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Squash: The IOC’s Forgotten Sport


Nick Matthew (credit: Jordan Mansfield/Getty Images)
Squash has campaigned for its inclusion in the Olympic Games since Barcelona 1992 and, despite being one of the most popular sports in the world, with over 20 million people playing worldwide, it continues to be overlooked by the IOC (International Olympic Committee). But why?

The sport will apply for the eighth time in a row to be part of the world’s most prestigious sporting competition, along with 25 other sports, including other favourites baseball-softball and netball, and some more hopeful applicants, such as bridge, chess and tug-of-war, the latter last involved in the Games in 1920. With such a following in so many countries and such weak competition, it is a surprise to all involved in the sport and many others that squash has not been included yet.

It is widely acknowledged that for a sport to be included in the competition, winning an Olympic gold medal should be the pinnacle of an athlete’s career. Yet, every year, when plausible, popular sports are recommended to be added to the Games, another sport with more of an international profile is undeservedly added in their place.

Mohamed El Shorbagy (R) (Photo by AFIF ABD HALIM/AFP/Getty Images)

This was particularly apparent in the inclusion of golf as a stroke play tournament in the 2016 Olympics, which will be held in Rio de Janeiro. Although golf has an extensive global appeal and allows a large number of countries to stake their claim for a medal, the tournament will never be regarded by the sport’s fans in the same way as the four “majors” are. There are numerous other sports, on the other hand, with squash one of the most high profile, in which the Olympics would in fact be the tournament that players train hardest for and which would be the peak of any player’s career. It is, however, still usurped by less deserving or less popular sports.

Moreover, 26 countries are represented in the top 50 players in men’s and women’s squash and there are squash courts in 188 countries and territories around the world, so it cannot be accused of lacking global support and being included purely to improve the chances of a few countries. This should give it an advantage over a few of the other most likely sports to be considered, such as baseball and American football, as it will never be a foregone conclusion as to which countries will walk away with medals. This is particularly true in the men’s game, where 5 of the top 6 players in the world come from different countries.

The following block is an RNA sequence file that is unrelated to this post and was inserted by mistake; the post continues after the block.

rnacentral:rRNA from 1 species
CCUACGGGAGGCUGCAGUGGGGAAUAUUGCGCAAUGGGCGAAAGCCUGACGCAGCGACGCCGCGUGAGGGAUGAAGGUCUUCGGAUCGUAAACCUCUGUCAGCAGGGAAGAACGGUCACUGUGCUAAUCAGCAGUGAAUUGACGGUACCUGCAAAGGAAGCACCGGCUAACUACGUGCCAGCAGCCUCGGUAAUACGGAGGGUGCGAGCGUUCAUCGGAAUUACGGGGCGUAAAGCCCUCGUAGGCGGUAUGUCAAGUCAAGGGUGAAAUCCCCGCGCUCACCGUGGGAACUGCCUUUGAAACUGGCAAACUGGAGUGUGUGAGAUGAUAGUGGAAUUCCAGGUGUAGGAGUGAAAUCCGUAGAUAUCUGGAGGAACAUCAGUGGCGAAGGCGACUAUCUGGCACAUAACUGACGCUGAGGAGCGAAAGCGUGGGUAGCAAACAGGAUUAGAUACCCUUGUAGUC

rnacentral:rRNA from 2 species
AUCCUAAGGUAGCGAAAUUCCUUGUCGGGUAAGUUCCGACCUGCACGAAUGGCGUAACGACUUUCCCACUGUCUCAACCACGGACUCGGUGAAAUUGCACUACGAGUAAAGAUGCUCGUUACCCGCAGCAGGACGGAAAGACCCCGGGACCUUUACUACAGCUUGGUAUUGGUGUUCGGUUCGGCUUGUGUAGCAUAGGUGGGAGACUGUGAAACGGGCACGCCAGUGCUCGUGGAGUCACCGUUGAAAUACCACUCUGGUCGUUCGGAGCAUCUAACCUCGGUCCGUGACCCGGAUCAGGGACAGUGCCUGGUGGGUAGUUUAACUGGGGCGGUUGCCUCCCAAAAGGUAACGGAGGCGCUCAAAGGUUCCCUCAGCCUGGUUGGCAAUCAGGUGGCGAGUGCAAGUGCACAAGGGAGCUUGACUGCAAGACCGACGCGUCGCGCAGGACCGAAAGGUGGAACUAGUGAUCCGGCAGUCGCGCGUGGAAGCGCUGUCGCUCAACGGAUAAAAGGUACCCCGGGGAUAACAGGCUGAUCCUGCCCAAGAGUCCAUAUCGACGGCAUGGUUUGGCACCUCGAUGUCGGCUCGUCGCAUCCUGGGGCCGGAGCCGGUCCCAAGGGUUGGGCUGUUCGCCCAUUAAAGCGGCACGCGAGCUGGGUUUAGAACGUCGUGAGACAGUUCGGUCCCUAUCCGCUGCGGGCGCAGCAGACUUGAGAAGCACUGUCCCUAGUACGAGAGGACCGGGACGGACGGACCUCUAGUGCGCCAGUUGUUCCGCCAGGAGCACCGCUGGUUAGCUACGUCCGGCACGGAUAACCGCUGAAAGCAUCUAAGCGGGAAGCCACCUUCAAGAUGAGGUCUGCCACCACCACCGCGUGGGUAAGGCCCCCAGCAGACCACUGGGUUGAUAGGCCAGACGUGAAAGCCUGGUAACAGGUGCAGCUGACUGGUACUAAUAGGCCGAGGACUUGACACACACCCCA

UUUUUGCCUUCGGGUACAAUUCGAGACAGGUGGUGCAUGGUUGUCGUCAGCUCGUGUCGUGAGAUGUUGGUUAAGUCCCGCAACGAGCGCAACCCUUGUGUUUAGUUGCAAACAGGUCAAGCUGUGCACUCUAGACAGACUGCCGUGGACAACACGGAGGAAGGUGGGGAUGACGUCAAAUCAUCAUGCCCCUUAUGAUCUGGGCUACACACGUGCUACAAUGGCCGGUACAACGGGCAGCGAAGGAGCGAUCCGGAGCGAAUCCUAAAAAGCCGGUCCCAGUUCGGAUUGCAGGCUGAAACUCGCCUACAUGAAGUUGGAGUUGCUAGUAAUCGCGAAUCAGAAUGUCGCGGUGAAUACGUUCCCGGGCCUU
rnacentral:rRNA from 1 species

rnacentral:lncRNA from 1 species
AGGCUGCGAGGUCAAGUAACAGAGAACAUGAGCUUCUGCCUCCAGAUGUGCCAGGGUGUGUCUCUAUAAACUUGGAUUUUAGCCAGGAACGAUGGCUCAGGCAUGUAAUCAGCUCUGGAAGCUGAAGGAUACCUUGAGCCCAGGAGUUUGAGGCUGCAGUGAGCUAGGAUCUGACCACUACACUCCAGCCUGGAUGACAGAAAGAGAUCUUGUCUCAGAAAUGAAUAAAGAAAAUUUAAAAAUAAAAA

Amr Shabana of Egypt i(Photo by Paul Gilham/Getty Images)

Squash also gives an opportunity for smaller countries, who would not usually win so many medals during the course of an Olympic Games to move themselves up the medal table, as none of China, USA, Russia and, to an extent, Australia are known for their squash prowess. Rather it would be countries such as Egypt, UK, Colombia, France and Malaysia competing for the medal places.

On the other hand, as with any sport, there are some concerns about its suitability for inclusion, the primary being its capacity as a spectator sport. Unfortunately, squash has been unable to find a sufficient solution to this problem thus far. Due to the speed of play and the complexity of some of the rules, particularly about interruptions in play – i.e. lets (where the point is replayed) and strokes (where the point is awarded to the player who is impeded) – those who have limited knowledge can often find the sport confusing to watch and therefore boring. There have, however, been significant changes, particularly for TV, to make the game much more understandable for viewers. For example, the ball is now white, rather than black, to make it more visible onscreen, and video replays and video referees have been introduced to make each decision clearer to the audience and to eliminate referee error. If squash continues to find ways to make squash more watchable to the untrained eye, then it could well remove one of its greatest obstacles in its fight for IOC recognition.

There is also a common belief among the global population, particularly in younger people, that squash is merely a sport for the older generation. The current squash community, however, would very much beg to differ. As in many sports, as each generation begins its decline, a new one comes to take its place.

Nick Matthew (Photo by Jordan Mansfield/Getty Images)

In the world of professional squash for instance, players who have dominated for the last five years, such as Amr Shabana and, to a lesser extent, Nick Matthew and Gregory Gaultier are beginning to fade, but the sport has been reinvigorated by the emergence of players such as current world number one Mohamed El Shorbagy, who will be followed closely in the next few years by rising talents like his brother Marwan, Fares Dessouki and Diego Elias. Furthermore, even in local leagues, the top end of club squash is increasingly becoming a younger man’s game, as squash continues to become one of the world’s most popular sports.

Despite any arguments thrown at the IOC every 4 years by those fighting for squash’s inclusion, however, it seems almost inevitable that squash will again miss out on a seat at sport’s highest table. For now, it must be content to be the best of the rest, the sport that never quite caught the world’s interest.


Leigh is, without a doubt, the most over worked writer here at Crunch Sports. A statistician at heart, she can reel off Superbowl plays from decades ago. If we need a deep-dive into the numbers in any sport, we call Leigh first.

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